Yet despite an increasingly digital age—and the constant call for accountability—some companies still make a bet that responding to a crisis with “no comment” will suffice until the hullabaloo dies down.

Swanson said that a “no comment” strategy ultimately may prove counterproductive. “You can’t run from the media,” he said. “If you want to maintain relationships, you have to communicate with [the media] even if you expect negative coverage.”

It’s fine line for PR pros to negotiate: In order to get a fair deal from the media communicators need to demonstrate that the company owns the crisis but at the same time they have to protect their brand from any further damage resulting from the crisis.

“You have to talk with the media and engage with them but you need to be careful in how you do it,” said Dan Ronan, senior director of communications at the American Bus Association, which represents 4,000 motorcoach companies, hotels and other companies that cater to the group tour industry.

“You can’t wing it and make it up on the fly because the media can be pretty unforgiving,” he said.”

Ronan recommneded three tips for PR pros to follow for post-crisis management:

1. Try to be get out in front of the story.

2. Be transparent (because information about the cause of the crisis will inevitably leak into the public anyway).

3. Be timely. Provide updates. Even if they’re in short bursts, providing the media with information as you get it about what caused the crisis and what the company is doing to help its customers and stakeholders serves to enhance trust.

Ronan added that while it may seem counterintuitive to engage the media following a crisis, doing so can provide returns a bit down the road. “In some cases, it could be a good idea to embrace the media, if you have something to say,” he said. “Being straight [with the media] can be beneficial.” PRN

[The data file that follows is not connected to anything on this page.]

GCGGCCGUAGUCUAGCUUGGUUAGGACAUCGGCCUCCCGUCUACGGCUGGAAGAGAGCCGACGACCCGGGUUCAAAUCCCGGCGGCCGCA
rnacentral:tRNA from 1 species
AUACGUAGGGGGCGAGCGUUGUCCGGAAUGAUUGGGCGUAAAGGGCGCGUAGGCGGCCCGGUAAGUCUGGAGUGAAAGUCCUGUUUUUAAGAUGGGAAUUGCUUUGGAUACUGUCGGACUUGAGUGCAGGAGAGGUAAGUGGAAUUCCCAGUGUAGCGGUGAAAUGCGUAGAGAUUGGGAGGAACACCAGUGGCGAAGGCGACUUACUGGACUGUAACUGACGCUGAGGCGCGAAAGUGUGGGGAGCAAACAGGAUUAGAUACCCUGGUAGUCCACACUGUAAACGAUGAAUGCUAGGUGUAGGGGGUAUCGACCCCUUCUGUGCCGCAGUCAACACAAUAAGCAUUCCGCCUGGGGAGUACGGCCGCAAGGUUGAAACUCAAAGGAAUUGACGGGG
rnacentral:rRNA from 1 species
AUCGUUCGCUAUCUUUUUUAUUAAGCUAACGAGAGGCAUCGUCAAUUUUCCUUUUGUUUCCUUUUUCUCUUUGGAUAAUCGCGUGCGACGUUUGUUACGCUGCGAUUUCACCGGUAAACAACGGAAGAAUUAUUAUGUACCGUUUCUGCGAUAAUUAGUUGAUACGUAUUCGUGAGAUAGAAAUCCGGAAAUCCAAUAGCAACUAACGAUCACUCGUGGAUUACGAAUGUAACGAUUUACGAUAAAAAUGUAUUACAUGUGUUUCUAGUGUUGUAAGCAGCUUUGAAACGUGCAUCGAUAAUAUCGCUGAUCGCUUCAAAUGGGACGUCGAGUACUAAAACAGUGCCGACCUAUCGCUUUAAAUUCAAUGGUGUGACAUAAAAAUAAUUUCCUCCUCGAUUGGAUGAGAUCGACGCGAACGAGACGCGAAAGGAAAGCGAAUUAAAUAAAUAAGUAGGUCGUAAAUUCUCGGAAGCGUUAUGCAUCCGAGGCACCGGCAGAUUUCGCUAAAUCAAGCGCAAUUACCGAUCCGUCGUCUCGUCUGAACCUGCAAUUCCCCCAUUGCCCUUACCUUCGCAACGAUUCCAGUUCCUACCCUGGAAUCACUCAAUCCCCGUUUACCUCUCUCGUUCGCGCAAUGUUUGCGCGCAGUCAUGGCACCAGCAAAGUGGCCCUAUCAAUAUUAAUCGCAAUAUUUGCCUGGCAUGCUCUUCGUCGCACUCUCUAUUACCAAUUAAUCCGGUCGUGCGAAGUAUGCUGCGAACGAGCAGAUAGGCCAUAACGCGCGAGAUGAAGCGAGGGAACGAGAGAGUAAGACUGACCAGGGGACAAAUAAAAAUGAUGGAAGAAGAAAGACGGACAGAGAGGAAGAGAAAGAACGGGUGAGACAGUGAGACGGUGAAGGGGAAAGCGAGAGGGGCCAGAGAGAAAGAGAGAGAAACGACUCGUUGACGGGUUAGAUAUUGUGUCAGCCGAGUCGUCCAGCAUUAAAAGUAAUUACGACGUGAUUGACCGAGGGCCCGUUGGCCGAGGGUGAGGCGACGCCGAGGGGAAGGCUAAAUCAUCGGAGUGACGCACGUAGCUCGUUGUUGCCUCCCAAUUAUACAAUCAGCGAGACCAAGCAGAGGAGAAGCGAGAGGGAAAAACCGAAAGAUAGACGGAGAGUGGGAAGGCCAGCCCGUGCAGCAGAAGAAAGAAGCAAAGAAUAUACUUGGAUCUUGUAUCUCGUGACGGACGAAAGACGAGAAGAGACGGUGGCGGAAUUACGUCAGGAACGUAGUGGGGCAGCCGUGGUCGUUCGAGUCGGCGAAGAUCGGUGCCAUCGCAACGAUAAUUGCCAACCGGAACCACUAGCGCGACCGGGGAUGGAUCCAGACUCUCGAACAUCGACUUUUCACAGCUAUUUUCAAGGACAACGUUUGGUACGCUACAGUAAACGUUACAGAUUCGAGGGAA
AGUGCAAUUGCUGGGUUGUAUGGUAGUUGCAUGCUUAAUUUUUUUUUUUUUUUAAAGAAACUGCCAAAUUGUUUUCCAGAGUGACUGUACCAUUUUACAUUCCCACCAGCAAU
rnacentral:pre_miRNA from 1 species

Phew, It’s Over, Now What?

Some of the most important aspects of crisis management occur after the crisis is over. Here are few tips to protect your reputation post crisis.

Measure your success: Every crisis should start with an end-game in mind. What were you goals? To contain the news, protect key brand messages, maintain good relations with local communities? Post crisis, evaluate your organization’s response to the event to see what went well, what didn’t and how you can apply those learnings to future situations. A crisis plan should be a living document that gets added to and tweaked over time. Make sure you learn from any mistakes or gaps in order to improve the process going forward.

Listen: Ongoing monitoring of your key audiences to understand their concerns, issues or pain points can not only serve as an early warning system for a potential crisis, but help you to evaluate how well your organization has answered its concerns post crisis. Ensure that each of your constituents has received the information they need to put any issues to rest and to prevent anyfuture flare-ups.

Never forget: Because the Internet won’t. Any negative news about your organization has the potential to be rehashed weeks, months or years later. It’s imperative that organizations proactively address any steps they are taking to prevent the crisis from happening again, whether it was an environmental catastrophe, employee/management misconduct or product failure/recall. Whatever the case, be prepared with proactive messaging that takes appropriate responsibility and illustrates how your management is moving the company forward.

Jacqueline Kolek is partner and senior director at Peppercomm. She can be reached at jkolek@peppercomm.com.


This article appeared in the August 26 issue of PR News. Subscribe to PR News today to receive weekly comprehensive coverage of the most fundamental PR topics from visual storytelling to crisis management to media training.